The effects of farmer access to credit on dietrary diversity in Zambia.
MetadataShow full item record
Farmer access to credit is one of the financial solutions for addressing malnutrition, having been extensively researched in several countries with multiple studies concluding that access to credit has the potential to improve a smallholder household’s dietary diversity and ultimately reduce malnutrition. However, limited literature exists to clarify this association in Zambia. To address the knowledge gap and understand this association. The study examined how farmer access to credit affects Zambia’s dietary diversity. The study used an instrumental variable approach where Loan society membership and the Headman/Headwoman’s relation to the household head are instrumental variables on data collected from the Rural Agricultural Livelihood Survey (RALS) of 2015, which covered 7934 agricultural households from 10 provinces. The results indicate that smallholder household’s that accessed credit consumed at a significantly higher dietary diversity compared to otherwise, with a difference of 0.352units at a p-value=0.040. However, these results are limited to smallholder households that are also likely to receive FISP. At the same time, education attainment to secondary and tertiary levels lowered a household’s dietary diversity than no years spent in formal education with a significant difference of 0.119 and 0.221units, respectively. At a p-value=0.013 for secondary education and p-value=0.004 for tertiary education attainment. The study suggests that access to agricultural credit can improve a household’s dietary diversity. Whereas increasing the number of families pursuing higher education attainment enhances the household’s nutritional awareness and preference to consume various food groups. The study further suggests that measures to promote the financial inclusion of smallholder farmers in agricultural credit are crucial. Though further research is needed to identify the long term effect of credit access on household dietary diversity.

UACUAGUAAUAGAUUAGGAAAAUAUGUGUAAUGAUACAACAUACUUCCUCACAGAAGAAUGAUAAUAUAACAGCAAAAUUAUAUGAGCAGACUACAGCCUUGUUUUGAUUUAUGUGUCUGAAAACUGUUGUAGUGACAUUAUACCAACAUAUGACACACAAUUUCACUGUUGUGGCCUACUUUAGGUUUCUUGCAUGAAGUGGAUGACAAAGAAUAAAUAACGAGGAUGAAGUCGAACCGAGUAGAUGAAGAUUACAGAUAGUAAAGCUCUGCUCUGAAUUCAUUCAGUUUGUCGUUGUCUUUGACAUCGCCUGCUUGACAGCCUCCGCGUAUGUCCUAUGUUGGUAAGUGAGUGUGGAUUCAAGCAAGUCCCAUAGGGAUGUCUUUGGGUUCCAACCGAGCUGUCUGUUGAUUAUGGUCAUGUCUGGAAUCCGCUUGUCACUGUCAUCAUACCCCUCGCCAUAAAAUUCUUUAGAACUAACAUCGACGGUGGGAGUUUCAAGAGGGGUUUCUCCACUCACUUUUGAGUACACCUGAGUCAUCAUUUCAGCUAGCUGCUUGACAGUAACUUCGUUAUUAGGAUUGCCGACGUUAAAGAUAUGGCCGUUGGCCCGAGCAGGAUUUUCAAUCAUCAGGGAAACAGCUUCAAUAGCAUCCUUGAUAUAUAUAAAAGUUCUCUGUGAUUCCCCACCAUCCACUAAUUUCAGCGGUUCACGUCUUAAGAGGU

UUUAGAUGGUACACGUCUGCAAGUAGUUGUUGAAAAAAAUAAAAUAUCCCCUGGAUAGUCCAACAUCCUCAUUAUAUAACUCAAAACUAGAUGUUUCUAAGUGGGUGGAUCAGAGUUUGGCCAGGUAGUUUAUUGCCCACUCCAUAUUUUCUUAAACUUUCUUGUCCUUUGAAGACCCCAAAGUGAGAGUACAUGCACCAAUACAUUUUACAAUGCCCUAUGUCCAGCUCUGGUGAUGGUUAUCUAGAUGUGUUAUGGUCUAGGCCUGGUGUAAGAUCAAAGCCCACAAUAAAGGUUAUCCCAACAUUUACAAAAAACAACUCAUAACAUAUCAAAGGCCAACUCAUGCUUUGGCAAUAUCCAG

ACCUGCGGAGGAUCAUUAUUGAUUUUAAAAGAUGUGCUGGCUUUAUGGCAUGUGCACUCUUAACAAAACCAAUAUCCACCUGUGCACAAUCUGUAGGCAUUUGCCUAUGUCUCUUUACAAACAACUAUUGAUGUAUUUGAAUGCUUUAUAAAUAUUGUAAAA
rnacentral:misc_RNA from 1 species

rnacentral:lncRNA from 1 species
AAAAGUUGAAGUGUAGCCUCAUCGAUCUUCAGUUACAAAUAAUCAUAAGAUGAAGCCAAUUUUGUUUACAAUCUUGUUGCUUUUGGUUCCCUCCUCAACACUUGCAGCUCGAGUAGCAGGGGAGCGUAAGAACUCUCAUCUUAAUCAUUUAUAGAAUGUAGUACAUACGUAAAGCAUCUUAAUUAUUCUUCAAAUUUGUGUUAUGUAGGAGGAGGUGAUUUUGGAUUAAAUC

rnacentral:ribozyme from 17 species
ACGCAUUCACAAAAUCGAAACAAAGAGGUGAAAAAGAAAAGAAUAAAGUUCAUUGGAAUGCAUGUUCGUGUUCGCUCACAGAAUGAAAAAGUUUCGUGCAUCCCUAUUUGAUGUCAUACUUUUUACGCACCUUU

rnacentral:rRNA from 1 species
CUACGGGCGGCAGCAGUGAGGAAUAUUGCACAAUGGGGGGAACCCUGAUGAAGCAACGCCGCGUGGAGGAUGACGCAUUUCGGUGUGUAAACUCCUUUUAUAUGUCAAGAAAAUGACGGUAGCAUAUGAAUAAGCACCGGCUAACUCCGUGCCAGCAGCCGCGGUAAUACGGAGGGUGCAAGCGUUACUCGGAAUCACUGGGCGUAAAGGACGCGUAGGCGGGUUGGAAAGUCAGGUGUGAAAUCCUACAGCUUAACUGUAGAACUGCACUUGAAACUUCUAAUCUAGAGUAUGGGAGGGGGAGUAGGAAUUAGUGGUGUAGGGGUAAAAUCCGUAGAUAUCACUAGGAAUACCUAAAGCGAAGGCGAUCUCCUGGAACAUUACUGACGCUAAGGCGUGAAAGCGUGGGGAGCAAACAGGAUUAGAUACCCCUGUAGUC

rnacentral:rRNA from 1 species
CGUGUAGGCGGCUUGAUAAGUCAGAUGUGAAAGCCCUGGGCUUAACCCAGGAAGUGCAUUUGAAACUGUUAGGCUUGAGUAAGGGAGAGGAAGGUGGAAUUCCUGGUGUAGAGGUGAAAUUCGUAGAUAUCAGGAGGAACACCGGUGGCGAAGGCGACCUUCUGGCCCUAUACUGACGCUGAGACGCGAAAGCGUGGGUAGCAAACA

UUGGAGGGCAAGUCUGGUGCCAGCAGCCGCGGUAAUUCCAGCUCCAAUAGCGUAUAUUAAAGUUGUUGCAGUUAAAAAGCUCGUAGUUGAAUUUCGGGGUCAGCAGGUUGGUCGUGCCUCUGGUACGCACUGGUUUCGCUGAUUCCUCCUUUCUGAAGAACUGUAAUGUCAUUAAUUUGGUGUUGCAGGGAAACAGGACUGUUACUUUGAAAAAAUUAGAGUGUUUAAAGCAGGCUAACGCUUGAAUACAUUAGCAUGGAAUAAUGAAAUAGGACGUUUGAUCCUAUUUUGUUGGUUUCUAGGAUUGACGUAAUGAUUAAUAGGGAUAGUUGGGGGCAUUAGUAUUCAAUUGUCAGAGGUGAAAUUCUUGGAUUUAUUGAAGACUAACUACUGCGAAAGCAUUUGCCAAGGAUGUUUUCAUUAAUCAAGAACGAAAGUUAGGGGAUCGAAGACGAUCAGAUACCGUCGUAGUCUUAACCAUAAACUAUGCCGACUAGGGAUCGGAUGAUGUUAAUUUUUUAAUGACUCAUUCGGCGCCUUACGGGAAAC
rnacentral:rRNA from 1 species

The University of Zambia